Researchers at Hokkaido University have discovered that the nonparasitic lamprey Lethenteron kessleri mates repeatedly without releasing eggs, in a behavior termed "sham mating," suggesting the possibility that females choose their mates while engaged in promiscuous mating habits.
Many kinds of lampreys are promiscuous, with multiple numbers of males and females gathering at a spawning site. A single female will mate with multiple males dozens of times -- sometimes more than 100 times. Until now, however, it was unknown as to why female lampreys mated this way, which requires a lot of energy and increases the danger of predation.
Researchers Chitose Yamazaki of the Graduate School of Environmental Science and Itsuro Koizumi of the Faculty of Environmental Earth Science revealed that most mating events were not real; no eggs were released despite the apparent mating behavior, a behavior they termed "sham mating." They subsequently conducted their experiments based on the hypothesis that females choose a male to fertilize her eggs with.
Two experimental areas were set up with differing numbers of males. In Experiment Area A, one male and one female were placed together. In Experiment Area B, three males and one female were placed together. Following each spawning event, eggs were removed with an aspirator and counted. The researchers predicted the proportion of sham mating would be lower in A, as the female could not select her mate.
The experiment was repeated fifteen times using different females. Each female mated an average of 77 times (ranging from 20 to 196 times). On average, sham mating occurred 65 percent of the time (ranging from 35 to 90 percent). Their analysis showed sham mating increased with a larger number of males, while the number of eggs released on each occasion fell. It was also confirmed that males often release sperm in sham mating. These findings are consistent with the hypothesis that female lampreys choose their mates.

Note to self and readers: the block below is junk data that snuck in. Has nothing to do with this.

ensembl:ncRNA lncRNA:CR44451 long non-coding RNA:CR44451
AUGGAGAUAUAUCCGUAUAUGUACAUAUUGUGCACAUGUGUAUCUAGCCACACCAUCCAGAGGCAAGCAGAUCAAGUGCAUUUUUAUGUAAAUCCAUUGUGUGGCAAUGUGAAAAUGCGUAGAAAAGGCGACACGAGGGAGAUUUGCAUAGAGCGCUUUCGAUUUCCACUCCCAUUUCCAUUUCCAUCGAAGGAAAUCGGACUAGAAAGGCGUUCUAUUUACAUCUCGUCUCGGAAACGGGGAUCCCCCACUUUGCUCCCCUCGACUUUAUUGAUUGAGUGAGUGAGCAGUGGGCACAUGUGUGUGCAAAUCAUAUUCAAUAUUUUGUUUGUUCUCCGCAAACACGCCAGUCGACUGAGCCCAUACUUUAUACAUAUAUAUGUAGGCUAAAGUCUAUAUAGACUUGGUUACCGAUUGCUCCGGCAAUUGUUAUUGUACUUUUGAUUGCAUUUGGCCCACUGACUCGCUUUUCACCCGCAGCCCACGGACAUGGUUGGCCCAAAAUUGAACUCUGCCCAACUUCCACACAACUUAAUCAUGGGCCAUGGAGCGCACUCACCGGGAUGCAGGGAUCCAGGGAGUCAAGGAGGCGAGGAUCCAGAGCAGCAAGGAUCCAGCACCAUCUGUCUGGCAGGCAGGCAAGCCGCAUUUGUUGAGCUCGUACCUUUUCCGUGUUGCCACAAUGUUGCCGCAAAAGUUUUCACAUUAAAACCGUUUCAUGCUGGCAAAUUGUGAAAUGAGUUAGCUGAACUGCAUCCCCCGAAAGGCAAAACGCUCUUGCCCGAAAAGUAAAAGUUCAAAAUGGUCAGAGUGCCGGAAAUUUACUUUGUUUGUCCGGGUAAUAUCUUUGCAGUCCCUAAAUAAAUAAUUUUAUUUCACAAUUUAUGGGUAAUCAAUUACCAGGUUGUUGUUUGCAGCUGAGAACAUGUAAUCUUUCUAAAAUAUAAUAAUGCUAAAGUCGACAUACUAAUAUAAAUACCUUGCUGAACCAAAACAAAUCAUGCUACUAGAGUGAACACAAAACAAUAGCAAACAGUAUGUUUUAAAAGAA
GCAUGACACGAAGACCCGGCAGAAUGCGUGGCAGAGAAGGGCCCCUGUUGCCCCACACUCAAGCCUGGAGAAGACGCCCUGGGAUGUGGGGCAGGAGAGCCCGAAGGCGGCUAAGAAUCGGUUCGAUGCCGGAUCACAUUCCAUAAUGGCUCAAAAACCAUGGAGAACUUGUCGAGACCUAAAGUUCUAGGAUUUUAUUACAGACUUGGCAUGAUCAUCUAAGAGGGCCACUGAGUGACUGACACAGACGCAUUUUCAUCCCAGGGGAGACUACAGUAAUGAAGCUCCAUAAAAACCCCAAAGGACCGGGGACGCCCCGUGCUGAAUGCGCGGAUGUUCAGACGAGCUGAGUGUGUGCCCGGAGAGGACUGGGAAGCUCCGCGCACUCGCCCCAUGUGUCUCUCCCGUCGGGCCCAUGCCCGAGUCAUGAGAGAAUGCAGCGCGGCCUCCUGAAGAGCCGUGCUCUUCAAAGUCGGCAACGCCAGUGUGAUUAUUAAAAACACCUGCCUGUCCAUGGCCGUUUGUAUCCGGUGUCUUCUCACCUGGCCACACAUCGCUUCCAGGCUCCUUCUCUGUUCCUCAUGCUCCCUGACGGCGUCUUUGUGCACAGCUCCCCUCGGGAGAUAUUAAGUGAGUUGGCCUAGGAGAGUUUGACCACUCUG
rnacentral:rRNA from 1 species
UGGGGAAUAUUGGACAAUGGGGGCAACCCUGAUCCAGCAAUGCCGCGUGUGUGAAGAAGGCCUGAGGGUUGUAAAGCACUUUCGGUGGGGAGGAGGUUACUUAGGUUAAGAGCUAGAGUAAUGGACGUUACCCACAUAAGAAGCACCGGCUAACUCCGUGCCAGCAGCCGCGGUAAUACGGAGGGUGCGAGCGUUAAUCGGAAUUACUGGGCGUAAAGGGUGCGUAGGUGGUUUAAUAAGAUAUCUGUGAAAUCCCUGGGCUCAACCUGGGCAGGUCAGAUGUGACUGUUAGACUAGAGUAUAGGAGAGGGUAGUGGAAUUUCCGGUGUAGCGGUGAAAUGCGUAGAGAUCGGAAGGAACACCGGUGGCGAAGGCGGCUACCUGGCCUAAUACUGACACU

The researchers also investigated the influence of body size on sham mating. A male lamprey mates by wrapping its tail around the female's tail, and as previous research has shown, reproductive success varies depending on the male to female body-size ratio. Indeed, their experiments showed this ratio affected sham mating and the number of eggs released, suggesting that eggs cannot be released successfully when the body size ratio is not good.
"The study shows there is a possibility that, despite the presence of many males, females recognize individual males and actively control when they release their eggs; and that this depends on the body size, nest-building abilities, and other qualities of the male," says Dr. Koizumi, "The discovery of pre-breeding mate selection in highly promiscuous creatures is a new finding and of great interest."
Although futile mating behavior is common in birds and mammals, there have been almost no reports of it in organisms that fertilize eggs externally, as in the present study. "It is highly advantageous for females if they can choose their mate even when a large number of females and males gather at a single spawning site. Even though our results are only preliminary, further examination of the lampreys' breeding behavior should give us a deeper understanding of mate selection and the evolution of breeding systems," Dr. Koizumi adds.
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